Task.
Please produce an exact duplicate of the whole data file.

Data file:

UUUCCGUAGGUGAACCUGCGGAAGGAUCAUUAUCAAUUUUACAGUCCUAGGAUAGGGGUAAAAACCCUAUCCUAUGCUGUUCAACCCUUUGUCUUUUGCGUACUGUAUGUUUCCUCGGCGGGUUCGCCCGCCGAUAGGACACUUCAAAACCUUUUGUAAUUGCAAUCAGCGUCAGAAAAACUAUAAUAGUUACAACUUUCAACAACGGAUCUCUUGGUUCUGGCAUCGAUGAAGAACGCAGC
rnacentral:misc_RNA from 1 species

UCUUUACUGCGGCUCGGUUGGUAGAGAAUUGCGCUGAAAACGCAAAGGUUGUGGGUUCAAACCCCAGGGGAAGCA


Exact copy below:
UUUCCGUAGGUGAACCUGCGGAAGGAUCAUUAUCAAUUUUACAGUCCUAGGAUAGGGGUAAAAACCCUAUCCUAUGCUGUUCAACCCUUUGUCUUUUGCGUACUGUAUGUUUCCUCGGCGGGUUCGCCCGCCGAUAGGACACUUCAAAACCUUUUGUAAUUGCAAUCAGCGUCAGAAAAACUAUAAUAGUUACAACUUUCAACAACGGAUCUCUUGGUUCUGGCAUCGAUGAAGAACGCAGC
rnacentral:misc_RNA from 1 species

UCUUUACUGCGGCUCGGUUGGUAGAGAAUUGCGCUGAAAACGCAAAGGUUGUGGGUUCAAACCCCAGGGGAAGCA